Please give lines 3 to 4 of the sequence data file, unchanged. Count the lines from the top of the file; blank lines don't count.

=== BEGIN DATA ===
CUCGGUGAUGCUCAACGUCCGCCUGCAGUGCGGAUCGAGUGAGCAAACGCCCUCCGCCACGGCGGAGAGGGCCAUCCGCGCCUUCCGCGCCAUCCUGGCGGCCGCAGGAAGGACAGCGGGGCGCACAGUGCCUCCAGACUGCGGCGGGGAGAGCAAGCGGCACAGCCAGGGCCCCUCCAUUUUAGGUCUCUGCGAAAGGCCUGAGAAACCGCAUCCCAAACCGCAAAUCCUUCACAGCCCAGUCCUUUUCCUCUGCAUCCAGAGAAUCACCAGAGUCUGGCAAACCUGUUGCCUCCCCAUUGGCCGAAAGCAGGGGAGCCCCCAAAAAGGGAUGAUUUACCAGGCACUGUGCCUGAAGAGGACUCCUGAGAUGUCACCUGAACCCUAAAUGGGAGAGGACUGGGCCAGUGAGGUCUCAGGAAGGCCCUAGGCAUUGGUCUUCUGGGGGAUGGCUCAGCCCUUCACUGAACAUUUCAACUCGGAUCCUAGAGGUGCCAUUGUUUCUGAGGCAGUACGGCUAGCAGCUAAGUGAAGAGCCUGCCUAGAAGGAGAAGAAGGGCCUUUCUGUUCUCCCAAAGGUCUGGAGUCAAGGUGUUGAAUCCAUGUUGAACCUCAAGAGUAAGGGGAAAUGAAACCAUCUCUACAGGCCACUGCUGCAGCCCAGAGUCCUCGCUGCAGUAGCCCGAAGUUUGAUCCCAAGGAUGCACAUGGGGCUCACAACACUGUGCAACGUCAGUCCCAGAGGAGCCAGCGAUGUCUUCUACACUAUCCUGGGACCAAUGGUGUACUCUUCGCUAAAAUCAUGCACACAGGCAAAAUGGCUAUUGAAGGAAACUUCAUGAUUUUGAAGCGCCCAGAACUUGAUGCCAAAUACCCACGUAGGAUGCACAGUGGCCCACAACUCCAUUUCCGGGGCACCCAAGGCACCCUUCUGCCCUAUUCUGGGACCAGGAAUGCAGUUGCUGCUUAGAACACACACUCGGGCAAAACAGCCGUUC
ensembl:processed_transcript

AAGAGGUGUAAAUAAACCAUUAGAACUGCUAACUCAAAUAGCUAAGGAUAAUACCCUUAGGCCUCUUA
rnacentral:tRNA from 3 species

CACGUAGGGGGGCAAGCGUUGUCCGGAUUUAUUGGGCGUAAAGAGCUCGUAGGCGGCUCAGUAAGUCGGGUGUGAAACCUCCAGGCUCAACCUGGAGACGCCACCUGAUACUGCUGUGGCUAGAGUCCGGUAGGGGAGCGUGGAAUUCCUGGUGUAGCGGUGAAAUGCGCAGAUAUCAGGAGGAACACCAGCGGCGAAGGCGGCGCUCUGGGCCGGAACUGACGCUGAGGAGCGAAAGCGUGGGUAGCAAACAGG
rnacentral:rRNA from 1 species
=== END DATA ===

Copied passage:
AAGAGGUGUAAAUAAACCAUUAGAACUGCUAACUCAAAUAGCUAAGGAUAAUACCCUUAGGCCUCUUA
rnacentral:tRNA from 3 species